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From: Rick Jelliffe <ricko@gate.sinica.edu.tw>
Date: Fri, 21 May 1999 00:08:48 -0400 (EDT)
Message-ID: <002d01bea33e$1bb06f00$dd066d8c@sinica.edu.tw>
To: <www-html@w3.org>
Cc: "w3c i18n ig" <w3c-i18n-ig@w3.org>
Here are some comments on XHTML.

1)  XHTML 1.0 Last Call Disposition of Comments,
3.5.LanguageCode Parameter Entity  leaves the language code as CDATA. I
would be very interested if you (or Mischa or Martin, if they know) would
post a little note to w3c-i18n-ig@w3.org to explain this.  CDATA indicates
that any characters may be allowed, rather than following RFC 1766.

Suggestion: Declare lang as NMTOKENS. This is more forgiving than NMTOKEN
and allows some variant and incorrect use, but will not confuse programmers
and educators that any old text is allowed.

2) XHTML 1.0 Last Call Disposition of Comments,
s2.1.6 SGML Newline Handling Requirements, says

  Resolution: The document relies upon XML for its definition of whitespace
handling. This includes handling of line boundaries. No change to the
document is required

However, XML 1.0 only allows "preserve" or "default", where "default" is
undefined, but may be the SGML behaviour. Because of this, the XHTML draft
cannot rely on XML for its definition of whitespace handling for "default".

Suggestion: XHTML should follow SGML.

3) Netscape 4.6 still does not support hexadecimal numeric character
references in HTML.

Suggestion: Put a caution about using Hexadecimal Numeric Character
References, that it may not be backward compatible with HTML browsers.

4) Deployed HTML browsers do not nicely allow the following parts of XML:
  * Internal subset, and hence entities, notations, additional attribute
  * Hexadecimal character references (if 3 above);
  * CDATA marked sections;
  * PIs;
  * hence, the XML header (which, as the inventor of it, let me say IMHO
*is* a PI,
since it provides information to software on how to process something,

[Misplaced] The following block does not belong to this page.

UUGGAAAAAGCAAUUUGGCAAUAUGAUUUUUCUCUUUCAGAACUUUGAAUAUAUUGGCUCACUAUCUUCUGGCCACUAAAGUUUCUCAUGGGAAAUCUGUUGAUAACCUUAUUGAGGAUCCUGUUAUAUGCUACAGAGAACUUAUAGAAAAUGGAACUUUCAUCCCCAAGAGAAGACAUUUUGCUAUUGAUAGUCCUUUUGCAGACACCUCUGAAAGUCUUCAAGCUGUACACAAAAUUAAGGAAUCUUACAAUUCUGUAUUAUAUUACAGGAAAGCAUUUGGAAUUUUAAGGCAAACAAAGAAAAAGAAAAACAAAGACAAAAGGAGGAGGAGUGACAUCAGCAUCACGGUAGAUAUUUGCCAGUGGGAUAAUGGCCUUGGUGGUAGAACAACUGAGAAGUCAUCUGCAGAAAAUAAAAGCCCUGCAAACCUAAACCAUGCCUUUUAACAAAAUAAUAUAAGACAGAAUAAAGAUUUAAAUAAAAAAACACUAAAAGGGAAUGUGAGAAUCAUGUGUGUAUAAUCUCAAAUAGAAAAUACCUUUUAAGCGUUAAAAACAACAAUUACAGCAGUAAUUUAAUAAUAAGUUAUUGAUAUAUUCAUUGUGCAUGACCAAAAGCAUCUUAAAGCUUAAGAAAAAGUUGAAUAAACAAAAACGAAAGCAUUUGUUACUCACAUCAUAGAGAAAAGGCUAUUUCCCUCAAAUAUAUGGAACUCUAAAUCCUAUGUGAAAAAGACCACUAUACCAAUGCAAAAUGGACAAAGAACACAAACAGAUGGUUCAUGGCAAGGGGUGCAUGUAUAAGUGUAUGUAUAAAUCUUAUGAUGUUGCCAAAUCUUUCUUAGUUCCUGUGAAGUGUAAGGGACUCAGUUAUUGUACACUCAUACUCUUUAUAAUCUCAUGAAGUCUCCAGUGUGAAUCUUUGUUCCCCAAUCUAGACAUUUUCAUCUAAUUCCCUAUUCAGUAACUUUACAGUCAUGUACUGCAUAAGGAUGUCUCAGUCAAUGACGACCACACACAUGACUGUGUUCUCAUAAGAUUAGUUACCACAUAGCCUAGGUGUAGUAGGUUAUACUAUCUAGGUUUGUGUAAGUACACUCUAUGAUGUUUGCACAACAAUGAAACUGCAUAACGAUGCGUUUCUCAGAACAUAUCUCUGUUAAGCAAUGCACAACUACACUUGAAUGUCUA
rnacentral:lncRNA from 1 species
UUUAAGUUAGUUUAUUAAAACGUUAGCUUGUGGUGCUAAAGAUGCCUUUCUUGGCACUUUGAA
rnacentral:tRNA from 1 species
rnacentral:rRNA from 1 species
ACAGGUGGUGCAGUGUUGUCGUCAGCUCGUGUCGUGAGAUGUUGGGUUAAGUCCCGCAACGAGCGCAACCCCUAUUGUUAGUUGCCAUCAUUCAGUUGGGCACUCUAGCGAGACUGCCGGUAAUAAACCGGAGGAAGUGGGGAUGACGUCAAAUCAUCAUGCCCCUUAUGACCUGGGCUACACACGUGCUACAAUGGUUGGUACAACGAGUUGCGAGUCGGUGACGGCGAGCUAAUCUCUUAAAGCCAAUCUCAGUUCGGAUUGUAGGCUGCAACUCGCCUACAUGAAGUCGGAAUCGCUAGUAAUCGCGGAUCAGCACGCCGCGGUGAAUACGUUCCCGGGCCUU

starting at
a point: in the same way, all markup declarations are PIs);
   * hence, selecting encoding with the XML header.

By trying to find a subset of XML which is fairly acceptable to HTML
browsers,  there is a grave danger of setting a course which will disrupt
XML.  Of course XML was developed to overcome many of the perceived problems
of HTML, not to perpetuate them.

It worries me a little that the forces to find this subset may be so strong
that HTML-browser compatability becomes a criterion for judging particular
XML features. This has already happened to some extent with PIs (notably the
use of attributes for Namespace declarations rather than a PI in the header:
in that case I think it was a fair call, in that namespace hang off names
which hang of attributes, they do not hang off documents, entities or random
points, which is where PIs are appropriate).

Recommendation:  The XHTML effort should split into three parts:

 * XHTML, a version of HTML 4.0 which allows all XML features and any new
W3C technology. Application vendors should be encouraged to support this. It
should have the MIME media-type     text/xhtml-xml  (the "-xml" prefix is
one of the current suggestions for the MIME XML group which is finding
favour).  XHTML should have one extra
requirement to XML: the XML header should be mandatory.

 * WFHTML, a interim version of XHTML which is compatible with generation 4
and 5 browsers. Users should be encouraged to use this HTML syntax. It
should have the MIME media type text/html.  WFHTML differs from XML in the
following ways:
  i) it only uses elements, data, comments, NCRs, the DOCTYPE declaration
and the encoding PI;
  ii) WF errors do not halt parsing;
  iii) the XML header is not mandatory;
  iii) encoding should be determined by the MIME charset; if that is not
available the encoding attribute in the XML header may be used; if that is
not available, the META tag may be used; if that is not available, guessing
may be used.

* An XHTML-to-WFHTML transformation recommendation. Webservers should
support content-negotiation of XHTML or (WF)HTML. If a document is available
as XHTML but not as (WF)HTML, then some on-the-fly, server-side
transformation may be provided: a simple application or an XSL stylesheet
for example.  In other words, transformation from XHTML to WFHTML should be
transparent to users and to creators of XHTML data. In particular, a
transformation that PIs should be placed in comments: <?xml version="1.0"?>
should be <!--<?xml version="1.0"?>-->.  This would also discourage the
deployment of processors which only accept XML subsets: a disasterous

It seems to me that, even though this *seems* complicated, it is the only
way to reconcile all the different requirements. Furthermore, I think it is
technologically sound and practical from a deployment point of view: at most
it requires registration of an XHTML handler to webservers not to browsers
(i.e., unless XHTML documents are not pre-transformed into WFHTML and
content negotiation is used for delivery).

This allows people to move to "real" XML, rather than a watered-down

Rick Jelliffe
Academia Sinica Computing Centre
Taipei, Taiwan
Received on Friday, 21 May 1999 05:13:34 GMT

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